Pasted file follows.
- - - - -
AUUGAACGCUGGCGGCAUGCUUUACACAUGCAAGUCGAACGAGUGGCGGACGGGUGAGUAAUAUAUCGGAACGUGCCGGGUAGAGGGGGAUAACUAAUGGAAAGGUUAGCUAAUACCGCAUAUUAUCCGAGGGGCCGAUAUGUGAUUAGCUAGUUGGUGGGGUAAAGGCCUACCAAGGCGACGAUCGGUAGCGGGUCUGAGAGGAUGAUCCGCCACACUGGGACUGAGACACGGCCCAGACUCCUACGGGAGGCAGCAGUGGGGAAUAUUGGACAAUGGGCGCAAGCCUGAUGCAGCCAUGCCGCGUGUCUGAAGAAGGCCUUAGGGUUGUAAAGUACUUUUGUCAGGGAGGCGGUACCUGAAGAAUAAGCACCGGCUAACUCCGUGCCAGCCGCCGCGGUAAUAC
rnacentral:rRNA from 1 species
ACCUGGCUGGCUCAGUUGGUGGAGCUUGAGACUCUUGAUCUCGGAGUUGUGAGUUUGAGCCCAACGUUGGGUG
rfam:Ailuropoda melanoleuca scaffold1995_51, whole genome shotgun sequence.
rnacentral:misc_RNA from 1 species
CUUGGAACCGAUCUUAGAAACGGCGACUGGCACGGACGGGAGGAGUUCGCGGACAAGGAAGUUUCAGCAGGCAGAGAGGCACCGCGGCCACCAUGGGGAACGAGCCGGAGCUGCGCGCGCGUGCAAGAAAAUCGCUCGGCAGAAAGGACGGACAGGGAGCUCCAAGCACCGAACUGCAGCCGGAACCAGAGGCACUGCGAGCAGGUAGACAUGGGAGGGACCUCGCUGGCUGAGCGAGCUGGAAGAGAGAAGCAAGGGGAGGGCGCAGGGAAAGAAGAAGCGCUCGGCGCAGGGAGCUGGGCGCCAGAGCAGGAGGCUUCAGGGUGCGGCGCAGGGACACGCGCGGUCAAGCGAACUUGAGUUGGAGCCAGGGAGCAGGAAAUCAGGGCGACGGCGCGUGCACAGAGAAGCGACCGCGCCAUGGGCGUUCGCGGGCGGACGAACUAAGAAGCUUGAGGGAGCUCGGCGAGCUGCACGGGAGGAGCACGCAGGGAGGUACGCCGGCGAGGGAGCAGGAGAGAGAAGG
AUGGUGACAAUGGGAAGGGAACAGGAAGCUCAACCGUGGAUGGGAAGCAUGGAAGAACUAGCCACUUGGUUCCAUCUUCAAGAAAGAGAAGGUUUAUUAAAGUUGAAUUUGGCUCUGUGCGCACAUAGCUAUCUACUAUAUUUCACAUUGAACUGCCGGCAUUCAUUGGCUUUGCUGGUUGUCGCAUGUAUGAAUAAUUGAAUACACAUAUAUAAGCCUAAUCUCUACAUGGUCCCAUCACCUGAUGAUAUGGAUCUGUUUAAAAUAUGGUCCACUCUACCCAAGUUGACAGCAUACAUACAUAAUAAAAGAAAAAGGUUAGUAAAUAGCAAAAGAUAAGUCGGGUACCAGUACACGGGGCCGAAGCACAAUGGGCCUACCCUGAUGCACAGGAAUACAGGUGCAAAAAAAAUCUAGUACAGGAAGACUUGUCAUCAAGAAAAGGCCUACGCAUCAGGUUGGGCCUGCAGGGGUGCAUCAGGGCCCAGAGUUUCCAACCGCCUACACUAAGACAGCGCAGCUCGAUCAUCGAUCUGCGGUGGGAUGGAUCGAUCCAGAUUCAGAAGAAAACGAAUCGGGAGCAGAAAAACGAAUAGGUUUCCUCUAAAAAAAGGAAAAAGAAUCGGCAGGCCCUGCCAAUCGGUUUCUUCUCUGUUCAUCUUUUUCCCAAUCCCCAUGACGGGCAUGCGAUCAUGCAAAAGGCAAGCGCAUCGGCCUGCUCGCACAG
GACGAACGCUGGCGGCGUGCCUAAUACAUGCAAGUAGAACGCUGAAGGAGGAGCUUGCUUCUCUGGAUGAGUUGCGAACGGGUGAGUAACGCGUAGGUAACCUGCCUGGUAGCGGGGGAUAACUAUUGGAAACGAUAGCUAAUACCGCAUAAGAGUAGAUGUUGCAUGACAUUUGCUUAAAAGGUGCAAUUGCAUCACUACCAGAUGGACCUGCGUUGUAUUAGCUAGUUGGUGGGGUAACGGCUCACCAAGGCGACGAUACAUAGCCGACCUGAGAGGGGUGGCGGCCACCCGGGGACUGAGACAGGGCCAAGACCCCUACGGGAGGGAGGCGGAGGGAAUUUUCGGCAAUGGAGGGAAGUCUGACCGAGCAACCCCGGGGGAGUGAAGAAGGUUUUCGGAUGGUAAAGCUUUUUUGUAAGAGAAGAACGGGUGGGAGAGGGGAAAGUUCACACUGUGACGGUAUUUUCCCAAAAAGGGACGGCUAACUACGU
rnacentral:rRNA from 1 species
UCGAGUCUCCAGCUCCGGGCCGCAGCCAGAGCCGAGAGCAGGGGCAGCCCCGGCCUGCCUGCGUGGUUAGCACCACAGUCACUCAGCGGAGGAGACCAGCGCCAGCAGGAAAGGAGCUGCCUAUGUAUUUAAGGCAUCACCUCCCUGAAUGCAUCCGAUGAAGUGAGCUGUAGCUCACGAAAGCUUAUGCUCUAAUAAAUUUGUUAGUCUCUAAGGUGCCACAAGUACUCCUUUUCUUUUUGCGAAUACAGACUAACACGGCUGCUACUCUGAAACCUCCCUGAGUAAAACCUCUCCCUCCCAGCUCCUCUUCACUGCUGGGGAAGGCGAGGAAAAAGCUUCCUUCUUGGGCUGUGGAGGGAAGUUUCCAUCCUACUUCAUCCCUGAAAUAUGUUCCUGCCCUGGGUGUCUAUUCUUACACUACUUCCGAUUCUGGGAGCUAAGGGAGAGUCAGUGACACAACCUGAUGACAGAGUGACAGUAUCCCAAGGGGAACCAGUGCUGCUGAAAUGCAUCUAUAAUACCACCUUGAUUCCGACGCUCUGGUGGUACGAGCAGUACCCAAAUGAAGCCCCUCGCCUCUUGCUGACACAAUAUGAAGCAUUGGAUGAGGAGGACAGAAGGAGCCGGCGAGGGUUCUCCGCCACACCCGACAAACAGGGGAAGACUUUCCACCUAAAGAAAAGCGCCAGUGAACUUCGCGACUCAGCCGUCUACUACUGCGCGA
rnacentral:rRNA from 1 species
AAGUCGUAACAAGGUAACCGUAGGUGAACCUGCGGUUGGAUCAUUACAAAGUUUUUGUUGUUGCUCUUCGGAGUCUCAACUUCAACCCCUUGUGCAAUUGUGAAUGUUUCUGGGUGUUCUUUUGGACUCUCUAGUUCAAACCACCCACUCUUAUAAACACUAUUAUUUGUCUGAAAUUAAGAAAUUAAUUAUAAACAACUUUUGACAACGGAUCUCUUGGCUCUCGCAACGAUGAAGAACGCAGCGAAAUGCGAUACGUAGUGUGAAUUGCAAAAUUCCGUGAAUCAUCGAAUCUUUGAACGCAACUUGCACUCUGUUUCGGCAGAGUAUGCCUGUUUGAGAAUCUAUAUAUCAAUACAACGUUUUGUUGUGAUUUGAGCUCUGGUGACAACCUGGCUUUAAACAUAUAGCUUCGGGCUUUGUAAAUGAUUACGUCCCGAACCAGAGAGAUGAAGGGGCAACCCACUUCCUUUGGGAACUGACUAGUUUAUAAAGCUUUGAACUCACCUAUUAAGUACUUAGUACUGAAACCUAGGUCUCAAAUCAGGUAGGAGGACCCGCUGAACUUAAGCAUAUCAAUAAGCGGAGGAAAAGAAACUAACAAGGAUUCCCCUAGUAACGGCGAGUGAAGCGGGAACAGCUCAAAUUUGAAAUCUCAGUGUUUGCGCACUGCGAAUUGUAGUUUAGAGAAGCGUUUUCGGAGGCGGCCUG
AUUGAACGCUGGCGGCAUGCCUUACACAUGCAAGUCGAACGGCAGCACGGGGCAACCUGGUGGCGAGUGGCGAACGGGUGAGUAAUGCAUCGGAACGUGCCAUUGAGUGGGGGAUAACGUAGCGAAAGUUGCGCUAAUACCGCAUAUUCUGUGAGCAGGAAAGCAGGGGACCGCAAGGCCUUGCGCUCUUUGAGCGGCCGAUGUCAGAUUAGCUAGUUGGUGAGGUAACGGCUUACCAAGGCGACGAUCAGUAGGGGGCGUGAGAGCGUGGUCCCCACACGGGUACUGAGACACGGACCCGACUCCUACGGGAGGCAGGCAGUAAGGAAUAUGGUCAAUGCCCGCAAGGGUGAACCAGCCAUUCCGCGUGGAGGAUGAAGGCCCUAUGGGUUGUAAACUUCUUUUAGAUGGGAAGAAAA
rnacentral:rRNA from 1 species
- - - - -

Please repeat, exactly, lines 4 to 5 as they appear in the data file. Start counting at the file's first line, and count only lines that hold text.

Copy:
rfam:Ailuropoda melanoleuca scaffold1995_51, whole genome shotgun sequence.
rnacentral:misc_RNA from 1 species